“That?” he said. “I don’t know what it is.”

The child opened her big blue eyes even bigger still, stretched her little arms towards him, and for the third time repeated, “Papa.”

The groom found himself ill. M. Brouable furrowed a decisive brow.

The little one began again and cast into the disconcerted ceremony, one more time, these two syllables: “Papa.”

It was like a lighting bolt that came from a flower.

There was a hubbub.

Magnon escaped. It was no longer her affair, but that of Tholomyès. In the courtyard, she swore to the surrounding gossips that she had never had a child by this man, which was true. She took away Cosette, who cried out in the street, “Papa! Papa!”

Magnon had done well to disapper, the father had furrowed his brow.

“There’s a child,” he said. “I know all about it.”

The marriage was cancelled.

Tholomyès returned to his province. There, he quickly forgot this disagreeable story. For four or five months, it happened nevertheless that he sometimes thought of the child. He thought of her with indignation. It is indeed quite troublesome for an honest man to be pursued to this point by a youthful escapade. It takes determination.

And then, a philosopher after all, he didn’t think about it any more.

We will not be informing the reader of much to tell him that Tholomyès, out of his element in Paris, found another excellent marriage, this time in his province, that he did his business well, that he became something of a rich attorney, and that today he is a wise voter and a very strict juror.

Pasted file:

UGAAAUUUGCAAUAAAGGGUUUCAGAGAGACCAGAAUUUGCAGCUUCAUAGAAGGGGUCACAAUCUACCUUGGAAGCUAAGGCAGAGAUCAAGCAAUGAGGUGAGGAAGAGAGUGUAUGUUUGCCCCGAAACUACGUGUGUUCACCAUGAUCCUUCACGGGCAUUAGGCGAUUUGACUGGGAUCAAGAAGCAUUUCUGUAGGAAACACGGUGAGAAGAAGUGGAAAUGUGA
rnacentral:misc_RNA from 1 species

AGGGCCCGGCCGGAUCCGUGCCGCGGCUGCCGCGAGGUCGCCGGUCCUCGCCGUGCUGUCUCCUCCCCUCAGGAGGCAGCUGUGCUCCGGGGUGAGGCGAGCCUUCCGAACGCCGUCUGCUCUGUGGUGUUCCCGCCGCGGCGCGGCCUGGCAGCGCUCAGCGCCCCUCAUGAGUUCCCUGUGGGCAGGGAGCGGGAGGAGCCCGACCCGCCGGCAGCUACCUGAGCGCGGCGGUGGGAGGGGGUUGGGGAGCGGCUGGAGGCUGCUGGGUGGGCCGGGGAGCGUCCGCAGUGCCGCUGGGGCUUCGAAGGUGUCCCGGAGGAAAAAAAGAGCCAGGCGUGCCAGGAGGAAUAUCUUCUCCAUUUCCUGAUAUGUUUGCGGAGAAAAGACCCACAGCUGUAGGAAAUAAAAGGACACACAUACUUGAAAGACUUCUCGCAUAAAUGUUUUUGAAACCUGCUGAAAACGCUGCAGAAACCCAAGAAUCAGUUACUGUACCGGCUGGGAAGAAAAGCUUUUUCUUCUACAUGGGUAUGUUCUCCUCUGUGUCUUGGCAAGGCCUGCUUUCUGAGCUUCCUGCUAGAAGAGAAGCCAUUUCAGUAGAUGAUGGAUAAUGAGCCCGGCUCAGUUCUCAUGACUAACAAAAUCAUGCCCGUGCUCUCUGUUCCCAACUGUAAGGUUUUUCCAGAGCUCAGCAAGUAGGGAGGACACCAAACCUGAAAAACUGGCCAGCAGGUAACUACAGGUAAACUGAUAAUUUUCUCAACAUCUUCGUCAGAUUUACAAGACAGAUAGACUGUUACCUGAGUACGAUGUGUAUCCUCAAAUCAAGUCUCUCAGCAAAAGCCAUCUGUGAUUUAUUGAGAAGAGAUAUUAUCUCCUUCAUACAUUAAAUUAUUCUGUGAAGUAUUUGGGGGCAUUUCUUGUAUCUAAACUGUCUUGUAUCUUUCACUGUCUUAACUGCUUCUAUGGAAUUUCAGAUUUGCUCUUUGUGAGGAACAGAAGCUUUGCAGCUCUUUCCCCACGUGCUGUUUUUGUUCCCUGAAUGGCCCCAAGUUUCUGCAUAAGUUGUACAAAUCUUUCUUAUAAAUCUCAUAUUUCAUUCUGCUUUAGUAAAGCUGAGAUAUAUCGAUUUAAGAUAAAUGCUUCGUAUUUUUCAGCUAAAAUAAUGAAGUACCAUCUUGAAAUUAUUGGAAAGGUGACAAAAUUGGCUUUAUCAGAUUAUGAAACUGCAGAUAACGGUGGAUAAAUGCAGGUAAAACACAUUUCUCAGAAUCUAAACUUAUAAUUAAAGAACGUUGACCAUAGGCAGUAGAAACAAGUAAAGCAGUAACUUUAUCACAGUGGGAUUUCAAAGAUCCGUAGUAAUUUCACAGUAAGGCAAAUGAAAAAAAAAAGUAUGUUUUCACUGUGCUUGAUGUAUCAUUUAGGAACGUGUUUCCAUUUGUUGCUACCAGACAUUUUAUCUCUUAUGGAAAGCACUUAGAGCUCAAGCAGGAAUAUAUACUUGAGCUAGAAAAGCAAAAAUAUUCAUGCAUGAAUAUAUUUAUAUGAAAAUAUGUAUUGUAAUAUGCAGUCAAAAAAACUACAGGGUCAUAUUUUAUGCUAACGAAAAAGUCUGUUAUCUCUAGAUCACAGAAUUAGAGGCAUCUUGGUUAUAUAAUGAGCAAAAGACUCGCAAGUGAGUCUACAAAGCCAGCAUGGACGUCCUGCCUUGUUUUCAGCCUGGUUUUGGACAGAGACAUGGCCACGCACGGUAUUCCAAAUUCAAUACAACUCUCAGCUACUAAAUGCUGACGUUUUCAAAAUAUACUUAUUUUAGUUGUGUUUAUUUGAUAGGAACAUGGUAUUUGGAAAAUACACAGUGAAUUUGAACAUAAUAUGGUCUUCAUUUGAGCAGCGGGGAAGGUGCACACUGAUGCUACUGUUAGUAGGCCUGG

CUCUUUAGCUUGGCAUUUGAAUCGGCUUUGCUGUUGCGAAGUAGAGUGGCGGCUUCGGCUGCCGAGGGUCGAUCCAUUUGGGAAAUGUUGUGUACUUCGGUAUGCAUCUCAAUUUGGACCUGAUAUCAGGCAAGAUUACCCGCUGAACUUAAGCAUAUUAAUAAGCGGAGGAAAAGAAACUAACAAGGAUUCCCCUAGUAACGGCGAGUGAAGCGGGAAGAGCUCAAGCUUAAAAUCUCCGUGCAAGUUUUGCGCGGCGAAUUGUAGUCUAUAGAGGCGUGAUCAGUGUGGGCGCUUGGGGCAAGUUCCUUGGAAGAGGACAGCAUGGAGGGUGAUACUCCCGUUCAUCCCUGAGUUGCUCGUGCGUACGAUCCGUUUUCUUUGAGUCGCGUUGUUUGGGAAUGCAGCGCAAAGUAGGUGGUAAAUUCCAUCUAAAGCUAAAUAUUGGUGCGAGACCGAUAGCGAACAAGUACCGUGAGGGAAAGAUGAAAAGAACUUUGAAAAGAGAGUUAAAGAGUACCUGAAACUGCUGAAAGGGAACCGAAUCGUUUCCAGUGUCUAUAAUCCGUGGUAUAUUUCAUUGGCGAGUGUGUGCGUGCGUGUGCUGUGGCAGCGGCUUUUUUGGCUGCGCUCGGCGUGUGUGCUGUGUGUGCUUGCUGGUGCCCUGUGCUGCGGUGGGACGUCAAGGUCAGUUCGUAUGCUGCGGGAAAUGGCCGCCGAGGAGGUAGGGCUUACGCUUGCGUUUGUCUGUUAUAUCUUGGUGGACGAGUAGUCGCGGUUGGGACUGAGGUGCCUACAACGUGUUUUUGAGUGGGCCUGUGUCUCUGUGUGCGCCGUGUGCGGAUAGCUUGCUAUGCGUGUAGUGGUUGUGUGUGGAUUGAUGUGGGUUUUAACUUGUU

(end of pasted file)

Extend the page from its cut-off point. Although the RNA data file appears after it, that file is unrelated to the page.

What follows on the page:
Behind closed doors, he remained a man of pleasure. This eulogy made once and for all, we shall not speak further of M. de Tholomyès.

As for Magnon, the very next day she brought back Cosette to the Thénardiers, paid the three francs, and, fearing some harmful complication with her vouchers for bread and firewood and with the various disguises that she wanted to keep, she didn’t breathe a word of the scandal caused by “the little joke.”

As a result Thénardier knew nothing of the incident.

That was truly unwelcome, for this capable man would surely have made good use of this handhold of a bourgeois carrying a scandalous affair. To be able to attach the name of a rich man to an obscure paternity, that was worth a small landholding. In fact, Thénardier excelled at coming into contact with delicate reputations disagreeably, and quarrelling like a coal-worker with people dressed all in white. But he was ignorant of the events of the office in the rue Saint-Jacques and the little Cosette-Tholomyès-Brouable scandal. This was a misfortune.

He had to limit his horizon, and confine himself to Cosette.